Fragmentary Fossils from Australia Provide Clues to the Origins of the Megaraptorids
Meet Australia’s largest known theropod, a predator that would have exceeded seven metres in length and a dinosaur armed with dreadfully sharp and powerful claws. Claws, that unlike the dromaeosaurids the famous “raptors”, with their sickle-toe killing claws, were found on the hands. Say hello to the newest member of a bizarre group of theropods the megaraptorids, although you can’t be formally introduced yet, as this meat-eater does not have a scientific name.
Australia’s Largest Meat-Eating Dinosaur Known to Date
Picture credit: Julius T. Csotonyi
The Megaraptorid Phylogeny
The megaraptorids are represented by a number of genera, most of which are known from very few, fragmentary fossils. Their phylogenetic relationship with other theropods remains in doubt, some palaeontologists have suggested that this group of meat-eating dinosaurs from the Southern Hemisphere may be related to the Coelurosauria clade, whilst other scientists have proposed that this group should be nested within the allosaurids.
Whatever the exact taxonomic relationship, these dinosaurs are characterised by having large hand claws, specifically an oversized first digit (thumb claw). This new Australian dinosaur, whose fossils were found in an opal mine back in 2005, is no exception, based on a partial manual ungual (claw bone), it has been estimated that this carnivore had a twenty-five centimetre long thumb claw.
This newest member of the theropod family of Australia, is just one of two meat-eating dinosaurs to be known from more than a single bone* from “Down Under”. It has been nicknamed “Lightning Claw”, this has nothing to do with this dinosaur’s imagined reactions, but a reference to the outback town of Lightning Ridge in New South Wales, where the fossils were found by opal miners Rob and Debbie Brogan.
The fossils are natural casts of opal and consist of a metatarsal, parts of the forearm, pieces of rib, fragments of the pelvis and a partial giant claw from the right hand.
Views of the Natural Cast of the Proximal End of the Claw
Picture credit: Bell et al 2015
* The other Australian theropod dinosaur known from more than one bone is Australovenator (Australovenator wintonensis) the fossils of which come from Queensland but were found in strata at least 10 million years younger than the New South Wales fossil find.
Since Australovenator also possessed over-sized hand claws, it is likely that these two dinosaurs were related, the interpretation of “Lightning Claw” created by the very talented Julius Csotonyi, is based on more substantial dinosaur remains including those of Australovenator.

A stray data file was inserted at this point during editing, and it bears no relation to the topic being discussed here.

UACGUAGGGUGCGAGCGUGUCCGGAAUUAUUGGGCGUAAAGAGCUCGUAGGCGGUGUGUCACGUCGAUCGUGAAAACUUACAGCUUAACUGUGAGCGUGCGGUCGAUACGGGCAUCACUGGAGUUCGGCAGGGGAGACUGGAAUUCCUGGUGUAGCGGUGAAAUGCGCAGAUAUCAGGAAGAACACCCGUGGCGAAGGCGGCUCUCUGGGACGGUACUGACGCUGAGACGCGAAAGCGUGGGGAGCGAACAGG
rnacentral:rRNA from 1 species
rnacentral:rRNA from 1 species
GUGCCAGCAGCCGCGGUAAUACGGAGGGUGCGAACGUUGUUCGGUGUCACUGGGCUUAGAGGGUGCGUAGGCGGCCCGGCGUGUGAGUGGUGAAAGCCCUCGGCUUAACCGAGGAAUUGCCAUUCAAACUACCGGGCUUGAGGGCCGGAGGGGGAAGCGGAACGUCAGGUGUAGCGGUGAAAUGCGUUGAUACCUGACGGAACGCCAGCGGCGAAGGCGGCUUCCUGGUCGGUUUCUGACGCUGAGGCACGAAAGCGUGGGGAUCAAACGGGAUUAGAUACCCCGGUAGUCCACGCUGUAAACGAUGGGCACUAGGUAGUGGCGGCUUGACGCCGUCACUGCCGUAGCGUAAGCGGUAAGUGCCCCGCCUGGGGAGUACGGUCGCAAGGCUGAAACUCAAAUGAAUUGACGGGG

A Model of the Dinosaur Called Australovenator
Picture credit: Everything Dinosaur
The dinosaur model pictured above is the CollectA Prehistoric World Australovenator replica, to view this large model range: CollectA Prehistoric World Dinosaur Models.
Lead author of the scientific paper, just published in the journal “Gondwana Research”, Dr Phil Bell (University of New England), explained the significance of these opalised fossils:
“I immediately recognised this fossil was something new. When I compared it to other Australian and South American dinosaurs, it was clear it was a megaraptorid which is a relatively rare group of dinosaurs, mostly known from Argentina.”
Grappling Hooks for Hands
Dr Bell along with co-authors from the University of Bologna (Italy) and Elizabeth Smith of the Australian Open Centre, which received the fossils as a donation from Rob and Debbie Brogan, have stated that the nasty predator with grappling hooks for hands, a sort of Freddy Krueger of the Dinosauria, roamed the flood plains of New South Wales around 110 million years ago (Albian faunal stage). The age of the strata is significant as this makes “Lightning Claw” the earliest representative of the megaraptorids known.
Australia’s Cretaceous dinosaur fauna is largely made up of dinosaurs that are known from elsewhere on the landmasses that once made up the super-continent of Gondwana. It had been thought that the majority of the Australian dinosaurs were immigrant taxa. This may be a too simple explanation and a more complex two-way faunal interchange between Australia, Antarctica and South America may have taken place.
Commenting on this Dr Bell stated:
“What is fascinating about this discovery is it changes the popular notion that Australian dinosaurs came from ancestors derived from Africa and South America – instead the “Lightning Claw” appears to be the ancestor of all megaraptorids, meaning this group appeared first in Australia.”